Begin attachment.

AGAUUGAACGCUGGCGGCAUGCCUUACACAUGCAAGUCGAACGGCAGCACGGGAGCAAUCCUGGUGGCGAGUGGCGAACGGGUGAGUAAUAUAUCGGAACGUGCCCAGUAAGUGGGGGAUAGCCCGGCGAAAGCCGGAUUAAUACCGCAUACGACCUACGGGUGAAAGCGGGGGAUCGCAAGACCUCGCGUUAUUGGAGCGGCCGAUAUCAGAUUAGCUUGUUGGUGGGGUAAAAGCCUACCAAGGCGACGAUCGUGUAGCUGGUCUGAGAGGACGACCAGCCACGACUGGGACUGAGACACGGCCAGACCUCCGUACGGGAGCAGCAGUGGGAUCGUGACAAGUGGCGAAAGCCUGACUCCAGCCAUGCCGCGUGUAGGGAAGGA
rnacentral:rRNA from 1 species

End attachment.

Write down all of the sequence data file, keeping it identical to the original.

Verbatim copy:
AGAUUGAACGCUGGCGGCAUGCCUUACACAUGCAAGUCGAACGGCAGCACGGGAGCAAUCCUGGUGGCGAGUGGCGAACGGGUGAGUAAUAUAUCGGAACGUGCCCAGUAAGUGGGGGAUAGCCCGGCGAAAGCCGGAUUAAUACCGCAUACGACCUACGGGUGAAAGCGGGGGAUCGCAAGACCUCGCGUUAUUGGAGCGGCCGAUAUCAGAUUAGCUUGUUGGUGGGGUAAAAGCCUACCAAGGCGACGAUCGUGUAGCUGGUCUGAGAGGACGACCAGCCACGACUGGGACUGAGACACGGCCAGACCUCCGUACGGGAGCAGCAGUGGGAUCGUGACAAGUGGCGAAAGCCUGACUCCAGCCAUGCCGCGUGUAGGGAAGGA
rnacentral:rRNA from 1 species